As a parent, it can be scary to put a teenager behind the wheel. According to the California Department of Motor Vehicles, teens are more likely than any other group to be involved in a car accident. Although it may be tempting to delay allowing your teen to get her driver's license, there are some positive aspects of teen driving. Before making the decision, asses your child individually to determine whether or not she's capable and mature enough to drive responsibly.
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Teenagers crave independence. As they grow into young adults, they feel the need to spread their wings and venture farther away from the nest. Driving is an important milestone that allows teenagers to transition from childhood into adulthood independently. Having access to a drivers license means that your child can get from point A to point B alone -- and this is of major importance to most teenagers. Remember, your teen will likely be going off to college or joining the workforce in just a few short years, and being confident and independent before a major transition could be beneficial. Imagine a new driver trying to navigate a new city or college campus -- it could be completely overwhelming. This can be avoided by teaching your teen to drive beforehand so that she's comfortable with it when the time comes.
With a driver's license comes a sense of responsibility. Go over rules, crash statistics, and car maintenance with your teenager and reiterate the importance of responsibility while driving. If she feels obligated to taking care of herself, her passengers and her car, this will give her a sense of responsibility. Because your teen will likely look forward to being allowed to drive, she will hopefully take her responsibilities seriously.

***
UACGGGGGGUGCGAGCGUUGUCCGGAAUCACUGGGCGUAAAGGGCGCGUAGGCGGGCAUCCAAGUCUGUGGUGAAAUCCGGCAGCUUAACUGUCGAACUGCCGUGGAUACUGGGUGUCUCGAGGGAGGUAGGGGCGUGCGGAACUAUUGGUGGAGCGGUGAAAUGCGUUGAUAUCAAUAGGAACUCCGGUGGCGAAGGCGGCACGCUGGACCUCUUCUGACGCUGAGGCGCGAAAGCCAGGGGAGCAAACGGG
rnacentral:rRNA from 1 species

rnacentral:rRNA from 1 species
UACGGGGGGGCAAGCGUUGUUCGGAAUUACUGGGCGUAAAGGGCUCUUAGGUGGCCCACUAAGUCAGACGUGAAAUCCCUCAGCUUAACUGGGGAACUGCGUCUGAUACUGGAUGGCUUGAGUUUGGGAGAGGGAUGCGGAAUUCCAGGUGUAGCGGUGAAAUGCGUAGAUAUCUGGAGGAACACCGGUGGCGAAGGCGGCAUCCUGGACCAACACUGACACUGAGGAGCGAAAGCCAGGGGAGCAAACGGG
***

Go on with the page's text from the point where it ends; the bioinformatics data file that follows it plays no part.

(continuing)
Convenience is something to consider when deciding whether to let your teenager acquire a driver's license. You may be doing all of the driving for your household, but when your teen learns to drive safely, you can delegate some driving responsibilities to your teenager if you feel comfortable doing so. For example, if you usually drive your children to sporting events or practices, your teen may be able to take over that task.
Teenagers are still children and need guidance -- and sometimes disciplinary action. A proven method of controlling and altering unwanted behavior is to remove possessions or desired activities in order to change the behavior. Teens typically really look forward to driving because it is their first step toward independence. If your teen is displaying unwanted behavior, you can take away her driving privileges. While this shouldn't be the sole reason for allowing your child to obtain a driver's license, it can be a great way to encourage positive behavior and for your child to have an incentive to perform well in school or at home.